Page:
Which of course brings me full circle. He boards an airplane tomorrow at 3, and I suspect that unlike his wife, he will relax on the flight instead of getting wifi to do work. So ideally my surprise will be intact when he walks, unsuspecting, through that front door. MUAHAHAHAHAH! MUAHAHAHAHAHHAH! MUAHAHAHAHAHAHAHAHAH!

    Your move, love.


    I also have, in the course of preparing this post, gotten my pictures from March and Piemas posted.

    Don’t you cry for me

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    The other night, I tucked a tired Grey into bed. It’s his most philosophical time, since every nine year old knows that the best way to get your parent to linger and not shut off your lights is to start talking about your rich internal life at 8:55 pm. As I returned to his bed with the water (and before I turned on his music and summoned the cats), he softly sang to the tune of “Oh Suzanna”:

    Farewell old master, that’s enough for me,
    I’m going straight to Canada where colored men are free.
    (A href=”http://en.wikisource.org/wiki/Song_of_the_Free”>Song of the Free

    I was, shall we say, surprised. “Where did you hear that?” It being a way to extend bedtime, he freely answered. “From a book about the Underground Railroad.” “Was it about Harriet Tubman?” “Yeah.” We talked about race and equality. We talked about good people sticking up for other people against bad laws. I had that ever necessary conversation about how actually we don’t call our friends colored anymore. And after a successful ten minute delay, I kissed him goodnight.

    But it brought me back. I haven’t explicitly thought about my encounter with the Underground Railroad in years. As so many important encounters do, this one started in a grade school library. I got to thinking about how the reading I did in that fourth grade corner of the library changed my life and outlook on race and gender. It helped me see a world outside the Inland Empire farming town, and to see that life from someone less blonde and blue eyed than I was. It wasn’t just Harriet Tubman who spoke to me, but a whole range of these strong, amazing, not-white female characters in this great set of books. I hadn’t intentionally set out to read minority feminist adventures. But I did. And I was – and am – greatly influenced. I’d never before realized what a great collection this is, or would be.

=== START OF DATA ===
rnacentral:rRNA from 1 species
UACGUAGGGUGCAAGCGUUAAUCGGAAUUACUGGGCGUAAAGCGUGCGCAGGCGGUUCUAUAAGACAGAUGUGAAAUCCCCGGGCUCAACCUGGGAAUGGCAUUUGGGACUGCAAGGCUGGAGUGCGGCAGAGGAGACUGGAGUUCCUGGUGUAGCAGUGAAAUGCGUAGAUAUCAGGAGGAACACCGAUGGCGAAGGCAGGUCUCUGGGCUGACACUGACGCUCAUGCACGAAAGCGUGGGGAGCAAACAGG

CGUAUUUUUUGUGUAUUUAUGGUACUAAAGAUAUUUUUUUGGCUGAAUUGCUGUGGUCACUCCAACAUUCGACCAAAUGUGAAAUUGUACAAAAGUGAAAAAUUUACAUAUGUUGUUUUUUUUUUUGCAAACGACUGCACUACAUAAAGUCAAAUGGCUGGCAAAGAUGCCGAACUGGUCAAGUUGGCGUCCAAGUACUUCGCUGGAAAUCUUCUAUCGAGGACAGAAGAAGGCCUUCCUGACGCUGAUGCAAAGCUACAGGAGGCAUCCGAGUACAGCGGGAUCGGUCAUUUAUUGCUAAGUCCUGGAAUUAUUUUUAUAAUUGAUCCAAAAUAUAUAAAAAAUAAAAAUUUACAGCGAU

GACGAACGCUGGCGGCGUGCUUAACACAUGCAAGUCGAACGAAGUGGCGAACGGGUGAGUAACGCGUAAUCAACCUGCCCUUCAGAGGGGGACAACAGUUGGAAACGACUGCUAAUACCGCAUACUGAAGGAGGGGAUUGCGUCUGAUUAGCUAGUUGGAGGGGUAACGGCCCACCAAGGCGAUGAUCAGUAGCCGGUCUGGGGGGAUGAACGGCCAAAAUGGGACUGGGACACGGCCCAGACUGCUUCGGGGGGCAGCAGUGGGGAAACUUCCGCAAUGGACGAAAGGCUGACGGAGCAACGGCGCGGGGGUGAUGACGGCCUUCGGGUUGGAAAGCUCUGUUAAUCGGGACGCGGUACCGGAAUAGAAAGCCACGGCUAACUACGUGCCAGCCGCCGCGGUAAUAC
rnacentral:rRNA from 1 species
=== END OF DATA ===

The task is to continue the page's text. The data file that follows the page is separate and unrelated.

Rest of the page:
Freedom Trail: The Story of Harriet Tubman

    by Dorothy Sterling

    by Dorothy Sterling

    I have not read this book in over 25 years, but I remember this: Harriet had no advantages. She was black. A slave. Young. A woman. But she was gritty, determined and resourceful. This book did not sugar coat the hardship of slavery, or the dire danger of escaping. Harriet is gravely and permanently injured. But she risks snakes and dogs and slavers, overcoming so much, to escape. And then, once escaped, she goes back again and again to help others in the same journey. This is a book that inspired me by the capabilities even a young girl could have. It also helped me understand just how lucky my lot in life was. Harriet seemed very real to me, in the pages of this book. It made it clear that it wasn’t some intrinsic merit of mine that gave me a life of comfort and love, and her a life of persecution. But it did tell the horrible story of slavery in a way that didn’t condemn a white person to shame. I could choose to see myself in the helpers & conductors – the allies. I think I’d like to re-read it.

    Island of the Blue Dolphins

    by Scott O'Dell

    by Scott O’Dell

    I’ve always had a fondness for survivalist stories. I devoured almost all of them in the genre I could find: Swiss Family Robinson, Robinson Crusoe, The Mysterious Island, My Side of the Mountains…. This is a slim but compelling volume in that larger lexicon. It was particularly important that instead of “White person trapped in savage environment” (See…. all the others above except My Side of the Mountain) it was the story of an Indian girl. And she was not left for a few weeks, or a few months. She created a whole life for herself, by herself. It’s a heart-song to independence and self-reliance.

    Journey to America

    by Soniya Levitin

    by Soniya Levitin

    A friend and I were talking about how you introduce your children to the horrors of man’s inhumanity against man. You can’t responsibly raise children who have never heard of the holocaust… but it can be tempting. I’m not sure I want my children to understand how evil we truly can be. This book was introduction. It’s an escape story from the point of view of a young Jewish girl who fights with her family (and alone) to escape from Nazi Germany – with her violin intact. It touches on the hard edges of the horrors, without delving into them. There’s a narrow shave, but a happy ending.